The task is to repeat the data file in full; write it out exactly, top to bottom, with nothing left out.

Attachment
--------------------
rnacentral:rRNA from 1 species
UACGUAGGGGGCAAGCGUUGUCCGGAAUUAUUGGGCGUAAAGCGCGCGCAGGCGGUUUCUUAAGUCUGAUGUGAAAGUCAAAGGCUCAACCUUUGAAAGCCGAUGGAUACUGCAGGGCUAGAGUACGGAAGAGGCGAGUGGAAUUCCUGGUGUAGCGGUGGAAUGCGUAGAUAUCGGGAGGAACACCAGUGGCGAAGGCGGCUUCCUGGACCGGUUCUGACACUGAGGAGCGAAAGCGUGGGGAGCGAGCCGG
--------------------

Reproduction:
rnacentral:rRNA from 1 species
UACGUAGGGGGCAAGCGUUGUCCGGAAUUAUUGGGCGUAAAGCGCGCGCAGGCGGUUUCUUAAGUCUGAUGUGAAAGUCAAAGGCUCAACCUUUGAAAGCCGAUGGAUACUGCAGGGCUAGAGUACGGAAGAGGCGAGUGGAAUUCCUGGUGUAGCGGUGGAAUGCGUAGAUAUCGGGAGGAACACCAGUGGCGAAGGCGGCUUCCUGGACCGGUUCUGACACUGAGGAGCGAAAGCGUGGGGAGCGAGCCGG